“City of stars, are you shining just for me?”

This morning I found myself sitting in a cinema, waiting to be dazzled by La La Land, just over two hours later I left the screen, my eyes twinkling with specs of stars.

This modern day musical starring Emma Stone and Ryan Gosling as two creatives (an actress and a jazz musician) both with big plans but struggling to reach them. Inevitably Mia and Seb’s paths cross several times, and from there true love eventually follows; it sounds cheesy I know, but I promise you this beautiful body of work is the exact opposite.

Having seen one of director Damien Chazele’s previous films, Whiplash, I anticipated bold moves to be made in this contemporary piece. The aesthetics of La La Land are something to marvel over first of all, set in sun-drenched Los Angeles, the movie buzzes with bright skies, night lights and a sense of effortless cool with every move made. The script was slick and yet full of heart and soul, as Mia and Seb’s relationship endures blissful highs and painful lows. The story carries an ethereal quality with it, matching the sense of hyper reality created through the visuals.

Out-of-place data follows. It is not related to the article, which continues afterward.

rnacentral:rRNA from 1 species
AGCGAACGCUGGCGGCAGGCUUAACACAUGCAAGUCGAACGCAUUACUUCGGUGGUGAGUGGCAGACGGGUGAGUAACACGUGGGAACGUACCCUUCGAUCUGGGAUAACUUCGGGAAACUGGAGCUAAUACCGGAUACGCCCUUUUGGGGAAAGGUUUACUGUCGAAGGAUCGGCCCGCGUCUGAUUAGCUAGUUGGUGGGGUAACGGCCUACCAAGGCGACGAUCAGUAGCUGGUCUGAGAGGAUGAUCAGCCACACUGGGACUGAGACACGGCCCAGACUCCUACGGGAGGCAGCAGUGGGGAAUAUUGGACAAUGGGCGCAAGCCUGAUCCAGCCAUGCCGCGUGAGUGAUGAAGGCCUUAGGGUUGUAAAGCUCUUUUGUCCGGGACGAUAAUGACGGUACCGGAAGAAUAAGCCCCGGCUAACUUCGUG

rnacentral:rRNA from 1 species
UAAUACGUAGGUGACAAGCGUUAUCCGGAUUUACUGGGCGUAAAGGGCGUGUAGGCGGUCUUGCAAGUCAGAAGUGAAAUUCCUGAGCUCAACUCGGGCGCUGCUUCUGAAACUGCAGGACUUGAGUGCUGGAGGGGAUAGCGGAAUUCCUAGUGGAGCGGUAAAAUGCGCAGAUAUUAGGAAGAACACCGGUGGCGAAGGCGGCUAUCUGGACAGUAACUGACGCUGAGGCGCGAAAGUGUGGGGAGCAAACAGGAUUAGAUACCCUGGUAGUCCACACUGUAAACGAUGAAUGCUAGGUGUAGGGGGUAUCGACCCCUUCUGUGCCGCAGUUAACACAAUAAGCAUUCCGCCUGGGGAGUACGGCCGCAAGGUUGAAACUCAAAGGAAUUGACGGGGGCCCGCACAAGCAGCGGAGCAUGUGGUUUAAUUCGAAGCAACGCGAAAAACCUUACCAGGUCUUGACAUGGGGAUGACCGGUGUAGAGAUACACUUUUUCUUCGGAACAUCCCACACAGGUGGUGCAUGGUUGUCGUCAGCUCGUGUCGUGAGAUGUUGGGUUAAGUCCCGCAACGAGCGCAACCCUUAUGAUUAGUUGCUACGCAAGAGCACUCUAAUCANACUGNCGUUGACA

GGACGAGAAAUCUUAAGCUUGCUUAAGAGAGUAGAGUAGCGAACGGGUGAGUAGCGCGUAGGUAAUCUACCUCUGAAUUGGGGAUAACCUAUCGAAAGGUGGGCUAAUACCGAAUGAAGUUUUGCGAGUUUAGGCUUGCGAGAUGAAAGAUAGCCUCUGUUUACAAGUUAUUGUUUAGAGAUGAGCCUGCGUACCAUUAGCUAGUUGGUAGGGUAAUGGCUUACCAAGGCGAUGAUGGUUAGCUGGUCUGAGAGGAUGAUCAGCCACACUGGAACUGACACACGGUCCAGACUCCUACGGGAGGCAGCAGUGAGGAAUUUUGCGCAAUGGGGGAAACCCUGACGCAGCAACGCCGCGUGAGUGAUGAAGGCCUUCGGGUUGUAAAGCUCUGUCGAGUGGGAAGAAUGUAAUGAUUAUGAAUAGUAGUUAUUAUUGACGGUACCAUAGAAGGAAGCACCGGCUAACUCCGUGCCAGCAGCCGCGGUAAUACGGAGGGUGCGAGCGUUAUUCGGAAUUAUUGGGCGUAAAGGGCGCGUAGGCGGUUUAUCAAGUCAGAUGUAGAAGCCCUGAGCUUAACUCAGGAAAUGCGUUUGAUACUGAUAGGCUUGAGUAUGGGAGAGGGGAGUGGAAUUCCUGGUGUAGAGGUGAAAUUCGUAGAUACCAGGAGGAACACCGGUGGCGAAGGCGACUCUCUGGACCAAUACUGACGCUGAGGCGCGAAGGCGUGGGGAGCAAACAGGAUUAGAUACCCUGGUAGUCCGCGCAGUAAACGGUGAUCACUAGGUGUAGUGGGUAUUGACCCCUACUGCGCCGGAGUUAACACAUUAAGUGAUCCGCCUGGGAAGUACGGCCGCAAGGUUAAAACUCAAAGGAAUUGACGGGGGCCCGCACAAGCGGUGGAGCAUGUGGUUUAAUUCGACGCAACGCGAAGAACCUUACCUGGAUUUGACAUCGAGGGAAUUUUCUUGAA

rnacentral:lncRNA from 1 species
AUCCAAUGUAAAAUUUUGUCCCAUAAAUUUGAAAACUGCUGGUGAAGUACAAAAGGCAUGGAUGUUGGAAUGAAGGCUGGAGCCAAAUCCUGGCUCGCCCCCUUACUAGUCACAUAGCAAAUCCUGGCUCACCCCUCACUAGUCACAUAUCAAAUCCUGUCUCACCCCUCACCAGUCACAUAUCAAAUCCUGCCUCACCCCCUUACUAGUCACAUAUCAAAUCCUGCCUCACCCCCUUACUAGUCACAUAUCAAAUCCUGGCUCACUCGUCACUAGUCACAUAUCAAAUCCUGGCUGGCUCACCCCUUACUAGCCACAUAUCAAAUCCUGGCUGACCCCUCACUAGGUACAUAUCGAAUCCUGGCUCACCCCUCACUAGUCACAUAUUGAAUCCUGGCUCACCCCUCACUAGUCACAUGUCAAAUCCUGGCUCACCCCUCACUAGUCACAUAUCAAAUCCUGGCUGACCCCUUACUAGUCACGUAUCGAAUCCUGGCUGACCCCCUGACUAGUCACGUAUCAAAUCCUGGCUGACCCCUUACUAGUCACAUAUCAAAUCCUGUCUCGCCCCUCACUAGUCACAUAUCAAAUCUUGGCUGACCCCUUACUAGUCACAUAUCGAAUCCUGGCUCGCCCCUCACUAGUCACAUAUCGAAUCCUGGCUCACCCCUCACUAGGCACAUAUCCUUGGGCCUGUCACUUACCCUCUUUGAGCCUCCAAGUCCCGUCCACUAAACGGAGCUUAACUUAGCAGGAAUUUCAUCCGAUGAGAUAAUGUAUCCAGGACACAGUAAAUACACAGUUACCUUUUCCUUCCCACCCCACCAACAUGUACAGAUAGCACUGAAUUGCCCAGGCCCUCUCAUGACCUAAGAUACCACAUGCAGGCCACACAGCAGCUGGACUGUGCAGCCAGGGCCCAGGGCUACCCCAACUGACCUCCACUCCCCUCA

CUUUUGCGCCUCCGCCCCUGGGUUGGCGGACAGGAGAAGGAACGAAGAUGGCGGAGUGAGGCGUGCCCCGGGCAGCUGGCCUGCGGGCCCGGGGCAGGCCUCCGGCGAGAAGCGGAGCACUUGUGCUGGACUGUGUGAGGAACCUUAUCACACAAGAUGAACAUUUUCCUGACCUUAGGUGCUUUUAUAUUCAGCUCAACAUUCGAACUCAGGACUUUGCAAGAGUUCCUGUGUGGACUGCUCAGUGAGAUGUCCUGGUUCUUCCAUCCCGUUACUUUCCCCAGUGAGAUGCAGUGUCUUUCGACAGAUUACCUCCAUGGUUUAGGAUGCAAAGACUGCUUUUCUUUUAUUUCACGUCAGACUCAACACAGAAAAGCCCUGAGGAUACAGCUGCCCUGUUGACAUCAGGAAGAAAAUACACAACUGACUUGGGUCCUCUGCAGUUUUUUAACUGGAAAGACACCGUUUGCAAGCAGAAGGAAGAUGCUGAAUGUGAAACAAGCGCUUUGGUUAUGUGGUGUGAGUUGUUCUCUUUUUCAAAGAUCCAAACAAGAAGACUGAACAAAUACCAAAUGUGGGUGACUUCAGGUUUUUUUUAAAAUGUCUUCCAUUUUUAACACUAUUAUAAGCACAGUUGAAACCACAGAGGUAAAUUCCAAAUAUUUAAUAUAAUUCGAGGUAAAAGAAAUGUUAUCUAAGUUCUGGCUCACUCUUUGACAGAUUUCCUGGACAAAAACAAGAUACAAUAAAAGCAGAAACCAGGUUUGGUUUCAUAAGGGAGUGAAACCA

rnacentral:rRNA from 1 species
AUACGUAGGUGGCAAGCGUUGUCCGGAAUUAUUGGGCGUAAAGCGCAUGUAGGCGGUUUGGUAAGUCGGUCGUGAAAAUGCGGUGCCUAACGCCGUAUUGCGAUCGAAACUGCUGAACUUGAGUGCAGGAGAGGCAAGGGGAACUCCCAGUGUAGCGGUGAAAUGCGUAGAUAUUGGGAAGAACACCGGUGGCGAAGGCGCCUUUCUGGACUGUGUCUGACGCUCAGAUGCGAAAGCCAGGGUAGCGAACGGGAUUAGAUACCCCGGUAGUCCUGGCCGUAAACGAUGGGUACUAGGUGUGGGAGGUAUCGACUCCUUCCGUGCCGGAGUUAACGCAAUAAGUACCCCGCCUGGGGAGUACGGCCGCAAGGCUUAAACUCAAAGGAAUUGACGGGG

Sebastian (Ryan Gosling) strolling the pier. Photo source: etonline.com


Justin Hurwitz’s score for the film is the next fundamental building block in the film’s artistry. The intricate melodies weave in and out the story, and provide the film with the purest sense of grace, shaping the piece wonderfully.

Ryan and Emma are flawless as a couple, and well shaped as their individual characters; not once did the film feel silly and frivolous, but rather was kept grounded by their tremendous skills as performers. I had to stare, my expression that of dumbfounded, at Ryan’s ability to play the piano, embodying all the skills of a true jazz pianist. Emma adds an adorable quirky refinement to Mia, her voice soft and mellifluous, taking the universal role of ‘struggling actress’ and making it refreshingly sincere.

Mia (Emma Stone) looking for her Rebel Without A Cause. Photo source: laineygossip.com

People didn’t burst into song every five seconds, nor do things work out as you might expect, there are many messages to be absorbed from La La Land and in it’s in the moments of silence that this musical really sings.


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